In Search of Sponsors. The Final Chapter

Let’s say that cycling sponsorship makes sense for your company. You need a strategy for getting into the sport. For the sake of this post, I’m assuming that the decision is made to take on sponsorship of a ProTour team. I am also deliberately ignoring the dynamic of team owners such as Riis Cycling (CSC) and Tailwind Sports (Discovery Channel) as I think it is easier to bundle teams, sponsors and owners together.

The first decision for entering the sport is build or buy. Building has some advantages by allowing you to put together a team your own way and frees you from any baggage left over from the previous sponsor. The first move is a Director Sportif.

Since you are looking to promote your brand, you want a Director who knows cycling and comes across well with the media. My choice would be Scott Sunderland. He has been Bjarne’s right hand man since 2004 and is ready to take on a new level of responsibility. He has the cycling credentials by his record in the classics up to and including this year’s Paris-Roubaix.

Scott has the charisma and the easy going style that makes him a great front man for your brand.

Once that is taken care of, make sure your team is as international as possible. Talented riders are key but don’t overlook having heroes from key markets in your team.

The downside of building is you lack the all-important ProTour license. ProTour licenses are harder to get than tickets for the Police Reunion Tour. Currently, Unibet has not listed theirs on eBay.

You could also choose a small Continental team like Slipstream and try to build it up to ProTour level. They have a good foundation, run well, strong anti-doping philosophy and a former ProTour rider Jonathan Vaughters at the helm.

Slipstream may be a good choice as a developmental squad as part of a larger Cycling investment. More on that later.

Now, you have a choice to buy. Here you may have a couple options:

Discovery Channel – We all know that Discovery Channel is ending it’s sponsorship after this season. This should be your first phone call. The positives here is that Discovery Channel is one of the strongest teams on the ProTour. It is also American based which gives you access to the American TV market which is enticing to race organizers.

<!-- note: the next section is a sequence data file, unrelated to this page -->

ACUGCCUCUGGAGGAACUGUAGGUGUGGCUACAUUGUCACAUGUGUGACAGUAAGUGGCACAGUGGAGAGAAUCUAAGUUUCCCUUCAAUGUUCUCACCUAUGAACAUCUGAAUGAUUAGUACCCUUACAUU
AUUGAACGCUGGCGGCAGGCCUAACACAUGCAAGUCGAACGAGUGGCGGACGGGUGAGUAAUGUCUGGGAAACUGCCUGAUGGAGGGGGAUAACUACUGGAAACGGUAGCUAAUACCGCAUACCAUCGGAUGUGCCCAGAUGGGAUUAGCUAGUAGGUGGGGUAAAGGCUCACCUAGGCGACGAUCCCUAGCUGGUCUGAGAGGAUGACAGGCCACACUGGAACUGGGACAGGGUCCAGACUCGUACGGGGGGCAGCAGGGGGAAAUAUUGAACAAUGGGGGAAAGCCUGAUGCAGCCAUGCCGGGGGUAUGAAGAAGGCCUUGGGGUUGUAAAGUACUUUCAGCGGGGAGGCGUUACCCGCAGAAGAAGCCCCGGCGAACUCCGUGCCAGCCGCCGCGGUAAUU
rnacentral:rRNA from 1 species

With Discovery Channel you get Johan Bruyneel a fantastic judge of talent. He has assembled a true international team that would give you options in various markets from Eastern Europe, China, Japan, etc. The funny thing is he is a little short on young charismatic American riders that can capture the US market. You also have Lance who can help generate attention to your team. Lance can also be a lighting but I think the pros outweigh the cons by a long shot.

Is their any Basso baggage? Does Johan look at ability first and ethics second? I don’t know but these things need to be in your thoughts.

T-Mobile – T-Mobile has floated the idea of dropping sponsorship in a variety of areas including cycling. The key here is to nab Bob Stapleton as part of the deal. He does not need his job with the corporation and may be open to running the team under new colors. In fact, a fresh start may be welcome given the revelations surrounding the “old” T-Mobile.

Stapleton has put into place a new structure, ethos, and anti-doping policy. He also is evolving the team from a German-centric squad to a global team that would appeal to a global sponsor.

Tinkoff – Russia is an emerging market and of keen interest to most global companies. Clearly, an association with Tinkoff could open some doors within this market. My read is Oleg Tinkov has his own ideas on how a team is run so you will need go in with eyes wide open.

Team CSC – I’m not sure if this is available but it may be worth a phone call. Bjarne Riis has put together a sponsor’s dream. Great charismatic riders who keep you on page one throughout the year. Some of the stars are getting on in years but new riders are filling in behind. – This could be risky but it might be worth the risk if you get it at the right price. You would need to put some contingencies on the sale to make sure the Grand Tours let you into the big races.

Add on sale. If you really want to maximize the investment in cycling there are other opportunities available for a sponsor. If you look at the more established teams like Rabobank, there is a feeder system that extends the Rabobank sponsorship to smaller developmental teams that harnesses talent at a young age. Therefore, a new sponsor may want to take over both a ProTour team and a young developmental team like Slipstream.

Another option is combining a Elite men’s sponsor with sponsoring a Women’s team ala T-Mobile. For a few dollars more, you extend the brand.

My final thought is to add a race to your investment. Amgen may be facing serious financial troubles as their main product EPO (Epogen, Aranesp) is under significant pressure from regulators who see the product overused. They may need to cut back opening up an opportunity to sponsor the Tour of California. If the ProTour decides to expand, you are well situated. The Tour of Georgia is also an option. Since the ProTour has targeted Asia as well, opportunities will be available to sponsor races in this area of the world.


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